Yes, I know the counter-arguments. The dreadful start, the awful summer transfer window, the injuries to FB’s, the loss of JW etc but to counter this, we have found Arteta;  Song has been immense, so has Koscielny. and what can one say about  RvP?  Can anyone guarantee another season like this for our Captain? On past evidence, sadly no. He was not known as Chocolate Legs for nothing.

But enough of this rational thinking BR, which I must point out is purely my opinion and not representative of Arsenal Arsenal website. The bottom line is  – do we have enough to beat Wigan tonight? and the answer is an emphatic Yes.

Beating United last week was a major scalp for Wigan and they will come into tonight’s game full of confidence.  The Latics have tightened in defence and started to score goals. 2 months ago they were doomed but now there is light at the end of the tunnel. However, Wigan have only beaten us once in the last 13 meetings.(we threw the away game in a shameful  2-3 in 2010).

My team:

If fit, I would replace Bennie with Gervinho who is back in the squad. I hope AW sticks to giving O -C cameo appearances. I fear he will be picked for the Euro’s should he make a big impact over the coming month. Better The Ox stays at AFC and gets a full pre-seaso, much like JW. Club over country for me.  Ramsey to come on after 60 mins and score.

Today’s Gooner: Being the Titanic centenary it is only fitting I find a connection and of course there is one. According to Hollywood Kate Winslett was a survivor of the tragedy and she is a Gooner. Although born into the Man Utd stronghold of Reading, Berkshire, she discovered the wonders of Goonerdom through a friendship with TH14 and has remained a fan ever since.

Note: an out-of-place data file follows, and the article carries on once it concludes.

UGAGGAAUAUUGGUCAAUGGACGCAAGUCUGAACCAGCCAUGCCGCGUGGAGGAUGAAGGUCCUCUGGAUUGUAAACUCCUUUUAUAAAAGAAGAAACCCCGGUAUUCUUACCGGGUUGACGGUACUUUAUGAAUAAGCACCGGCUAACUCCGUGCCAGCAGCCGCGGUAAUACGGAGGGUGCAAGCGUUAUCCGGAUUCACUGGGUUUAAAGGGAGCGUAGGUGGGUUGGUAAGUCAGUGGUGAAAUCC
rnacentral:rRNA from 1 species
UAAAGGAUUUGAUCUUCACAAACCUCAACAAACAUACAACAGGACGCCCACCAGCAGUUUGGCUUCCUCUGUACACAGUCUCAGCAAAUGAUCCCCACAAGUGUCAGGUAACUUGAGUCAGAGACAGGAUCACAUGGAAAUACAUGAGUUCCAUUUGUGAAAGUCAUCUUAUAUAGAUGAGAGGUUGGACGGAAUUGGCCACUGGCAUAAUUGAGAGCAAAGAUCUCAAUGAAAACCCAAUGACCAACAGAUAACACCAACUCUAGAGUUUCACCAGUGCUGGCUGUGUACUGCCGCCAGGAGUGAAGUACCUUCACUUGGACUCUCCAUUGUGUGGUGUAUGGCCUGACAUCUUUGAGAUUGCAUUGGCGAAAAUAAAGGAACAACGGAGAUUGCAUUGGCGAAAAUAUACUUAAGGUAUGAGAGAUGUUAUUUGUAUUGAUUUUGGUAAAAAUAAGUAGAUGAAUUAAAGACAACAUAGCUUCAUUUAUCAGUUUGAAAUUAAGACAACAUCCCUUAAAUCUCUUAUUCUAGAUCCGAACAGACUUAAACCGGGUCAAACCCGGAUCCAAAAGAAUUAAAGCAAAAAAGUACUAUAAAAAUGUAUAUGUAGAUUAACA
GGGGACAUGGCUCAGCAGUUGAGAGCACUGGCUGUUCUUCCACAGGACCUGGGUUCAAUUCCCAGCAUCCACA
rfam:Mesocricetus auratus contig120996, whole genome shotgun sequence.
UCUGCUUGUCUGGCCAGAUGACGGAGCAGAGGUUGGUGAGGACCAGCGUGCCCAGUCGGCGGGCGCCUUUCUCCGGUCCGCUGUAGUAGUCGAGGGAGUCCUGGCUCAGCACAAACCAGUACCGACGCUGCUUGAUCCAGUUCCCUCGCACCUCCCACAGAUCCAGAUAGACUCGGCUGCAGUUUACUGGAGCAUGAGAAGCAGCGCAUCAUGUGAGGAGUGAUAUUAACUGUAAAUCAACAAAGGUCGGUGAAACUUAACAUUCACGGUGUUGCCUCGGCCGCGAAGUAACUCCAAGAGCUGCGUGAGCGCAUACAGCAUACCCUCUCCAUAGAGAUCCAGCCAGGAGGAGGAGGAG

Kate and some fellow sing “Let’s all Laugh at Tottenham”

A big night for both clubs but the footballing Gods are shiny on The Emirates at the moment. We have enough to beat them and beat them we will.

Written by Big Raddy

2 Prizes; 4 Teams; 5 Games; 29 Days

April 15, 2012

– 2 CL places up for grabs

– 4 teams in contention

– 5 games to play

– 29 days left of the season

Well it all comes down to a nervous final month of the EPL season.

Given our awful start to the season we find ourselves in a far more favourable position then we could have realistically hoped for, Arsène has almost pulled another rabbit out of his hat.

It’s (almost) a given that the 1st and 2nd places will go to Manchester so lets concentrate on the 3rd and 4th positions.

Arsenal’s run in:

Wigan (h)

Chelsea (h)

Stoke (a)

Norwich (h)

WBA (a)

Spurs’ run in:

Bolton (a)

QPR (a)

Blackburn (h)

Aston Villa (a)

Fulham (h)

Newcastle’s run in:

Chelsea (a)

Stoke (h)

Wigan (a)

Man C (h)

Everton (a)

Chelsea’s run in:

Newcastle (h)

Arsenal (a)

QPR (h)

Liverpool (a)

Blackburn (h)

Currently we have:

3rd Arsenal 64 pts.

4th Spurs 59 pts.

5th Newcastle 59 pts.

6th Chelsea 57 pts.

Only 7 points between the four teams with 15 points left to play for.